Unformatted text preview: Do the information media have social responsibility? If yes, in what ways? If no, why not Yes, the information media do have a social responsibility. Since the media often presents information as if it were a fact when it is simply an opinion, media market is not about hard- hitting news anymore. It is about whatever gets them the most ratings and makes the most money. The role of mass media is to provide fact-based news to the masses. Too often mass media presents opinion pieces in which they discuss what is right and wrong. Typically, these pieces are presented as opinion pieces, but their prevalence leads many to assume it's the stance of the news organization. At the very least, it can influence the public's opinion too easily. Mass media should report the news without opinions and let the public make up their own mind. Journalists have to provide people with every tiny detail of what is going on in the world or any other particular place and so should information media. There are many other tasks that the media accepts and some of them are given. Media ought to work for the formation of public opinion and shed a light on issues that are not only important right now but will be important in the future as well. The most important responsibilities of media is to provide the society with truthful, objective and balanced news and information while respecting the importance of the secrecy of issues related to national security. The people that work in the media industry should be aware of their responsibilities. They play significant role in society, especially on informing and educating the people with the current and pressing issues that may directly affect them. They should also be sensible on every program that they offer to the public. Title Credibility and Impact Exploring the Internet and Politics Assessment A, Part One - Credibility and Impact: Exploring the Internet and Politics Indicate whether each website is credible. The Drudge Report: not credible Daily Kos: not credible The Huffington Post: not credible POLITICO: not credible Salon: not credible Colbert Nation: not credible The Hill: credible The Nation: not credible Red, Green and Blue: not credible Crooks and Liars: not credible The Washington Post: credible The New York Times: not credible Assessment A, Part 2: Answer the Senator about Credibility Comment on credibility issues pertaining to using information from Internet sources. The best way to find out if a source is credible is to dig past whats on the home page. No site is 100% credible though. Assessment B: Writing the Speech Speech Introductory Paragraph Many people know that you can&amp;apos;t always believe what is on the internet however there are many ways the internet can help politicians communicate with the voters. Knowing what is credible and what is not within the confines of the web is very help politicians communicate with the voters....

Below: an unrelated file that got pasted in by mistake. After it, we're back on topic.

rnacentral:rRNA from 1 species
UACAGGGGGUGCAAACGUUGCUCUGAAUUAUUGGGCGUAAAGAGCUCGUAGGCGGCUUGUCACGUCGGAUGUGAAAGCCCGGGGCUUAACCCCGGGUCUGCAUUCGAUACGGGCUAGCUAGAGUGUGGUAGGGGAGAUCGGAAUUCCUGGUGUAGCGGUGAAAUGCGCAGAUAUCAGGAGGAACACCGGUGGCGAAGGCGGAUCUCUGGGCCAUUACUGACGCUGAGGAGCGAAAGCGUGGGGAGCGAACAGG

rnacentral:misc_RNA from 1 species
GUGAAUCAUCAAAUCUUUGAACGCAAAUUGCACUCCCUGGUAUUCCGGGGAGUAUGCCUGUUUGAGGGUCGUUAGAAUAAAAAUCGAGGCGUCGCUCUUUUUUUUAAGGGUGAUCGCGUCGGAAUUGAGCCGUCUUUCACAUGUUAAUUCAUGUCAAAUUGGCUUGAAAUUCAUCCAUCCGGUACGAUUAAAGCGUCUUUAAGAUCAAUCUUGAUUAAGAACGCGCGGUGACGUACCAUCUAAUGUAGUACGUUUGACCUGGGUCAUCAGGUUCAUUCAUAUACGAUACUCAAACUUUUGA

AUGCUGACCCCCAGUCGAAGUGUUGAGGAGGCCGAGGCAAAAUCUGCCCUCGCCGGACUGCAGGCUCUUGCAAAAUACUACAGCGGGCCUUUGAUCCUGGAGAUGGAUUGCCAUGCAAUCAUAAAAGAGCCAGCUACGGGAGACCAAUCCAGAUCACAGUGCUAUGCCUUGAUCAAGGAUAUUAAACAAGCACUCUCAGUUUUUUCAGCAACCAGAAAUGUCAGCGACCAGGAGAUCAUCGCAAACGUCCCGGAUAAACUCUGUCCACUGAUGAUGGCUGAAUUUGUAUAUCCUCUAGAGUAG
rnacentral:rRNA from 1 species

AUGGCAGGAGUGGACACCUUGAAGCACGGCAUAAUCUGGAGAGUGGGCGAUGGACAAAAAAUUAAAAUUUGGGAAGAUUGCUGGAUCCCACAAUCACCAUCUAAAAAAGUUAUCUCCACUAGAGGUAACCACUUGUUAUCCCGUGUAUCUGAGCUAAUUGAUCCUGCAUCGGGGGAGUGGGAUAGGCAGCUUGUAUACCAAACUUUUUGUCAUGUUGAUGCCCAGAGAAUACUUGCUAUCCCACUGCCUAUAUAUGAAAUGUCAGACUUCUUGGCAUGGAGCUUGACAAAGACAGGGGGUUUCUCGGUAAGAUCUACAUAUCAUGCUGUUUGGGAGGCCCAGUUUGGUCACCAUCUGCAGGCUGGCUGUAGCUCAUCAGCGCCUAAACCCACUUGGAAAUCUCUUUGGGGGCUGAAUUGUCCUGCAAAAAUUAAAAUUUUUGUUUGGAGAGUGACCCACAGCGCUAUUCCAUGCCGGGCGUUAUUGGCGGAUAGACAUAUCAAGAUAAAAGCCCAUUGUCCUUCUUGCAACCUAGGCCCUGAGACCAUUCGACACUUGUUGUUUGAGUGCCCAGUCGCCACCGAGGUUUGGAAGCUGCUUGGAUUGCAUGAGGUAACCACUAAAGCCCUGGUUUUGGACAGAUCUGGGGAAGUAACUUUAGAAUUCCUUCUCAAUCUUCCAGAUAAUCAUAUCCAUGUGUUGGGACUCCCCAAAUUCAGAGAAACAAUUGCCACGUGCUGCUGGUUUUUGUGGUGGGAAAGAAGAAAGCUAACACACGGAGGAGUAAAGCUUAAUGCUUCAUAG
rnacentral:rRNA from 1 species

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Choose one of the following options:
Option 1: Toolwire® Learnscape Credibility and Impact
Access the Toolwire®Learnscape: Credibility and Impact: Exploring the Internet and Politics through the link located on the student website.
Complete the Learnscape Activities.
Complete the Toolwire®Learnscape Assessment Part A and Part B.
Writea 250-word response to the following question:
•Do information media have social responsibility? If yes, in what ways? If no, why not?
Option 2: Journalist E-mail
You are a rookie news journalist, and you just completed your first major assignment covering a political campaign, including extensive research of websites to provide the political background of your story. Your best friend e-mails you and asks how it went.
Write a 350- to 700-word e-mail to your friend in which you detail the challenges you faced regarding the following:
•Your responsibility as a journalist to provide fair, honest, and balanced coverage
•How you struggled with whether your story was socially responsible
•Assessing the credibility of the political Internet sites you visited for your research (consider Drudge Report, Daily Kos, Politico, Colbert Nation, The Hill, etc.).
•Your awareness of how political news reporting might influence public opinion and American values